AOL had a strong third quarter as advertising revenue soared thanks in large part to its platform for selling ads on third-party sites.
During the third quarter, advertising revenue rose 18 percent to $473.4 million. AOL's platform for selling ads on third-party sites saw revenue jump 44 percent to $215.1 million. The company said the platform's growth was driven by sales of premium formats and the inclusion of Adap.tv, which provides video advertising to brands, agencies, publishers and ad networks.
AOL shares were down Thursday by 2.5 percent, or $1.12, to $42.75.
Despite the good new for its third-party ad sales platform, not everything in AOL's third-quarter earning was so pleasing. Display ads on AOL properties were stagnant, generating $141.5 million in the quarter. Revenue from AOL's search properties rose only three percent in the third quarter to $97.9 million.
AOL had a reason for the stagnant display ad business, saying ads generated from shuttered brands, including local news service Patch, didn't hit its financials. The company reported that if those "impacts" were excluded, display ad revenue on AOL properties would have risen seven percent.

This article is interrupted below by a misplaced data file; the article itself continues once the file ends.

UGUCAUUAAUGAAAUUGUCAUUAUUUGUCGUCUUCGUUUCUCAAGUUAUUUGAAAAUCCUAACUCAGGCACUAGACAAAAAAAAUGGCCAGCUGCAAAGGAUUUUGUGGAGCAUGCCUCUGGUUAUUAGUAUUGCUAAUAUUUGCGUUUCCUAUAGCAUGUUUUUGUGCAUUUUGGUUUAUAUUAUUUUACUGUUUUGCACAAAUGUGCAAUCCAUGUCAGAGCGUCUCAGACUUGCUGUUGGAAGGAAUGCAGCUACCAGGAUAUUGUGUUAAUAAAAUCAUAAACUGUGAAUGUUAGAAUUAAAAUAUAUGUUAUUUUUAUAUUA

"AOL continued its strong growth in consumer traffic, revenue and profitability across its portfolio of assets," said Tim Armstrong, AOL chairman and CEO, in a statement. "AOL is a leader in global content, video, mobile, and programmatic advertising and is positioned directly at the center of the most disruptive changes happening online and offline in culture and code."
Net income for AOL rose to $28.5 million, or 35 cents per share, in the third quarter ended September 30, from $2 million, or 2 cents a share, a year earlier. AOL posted revenues of $626.8 million, a 12 percent increase compared to the $561.3 million the company generated in the third quarter of 2013. Wall Street was expecting earnings of 52 cents per share on $624 million.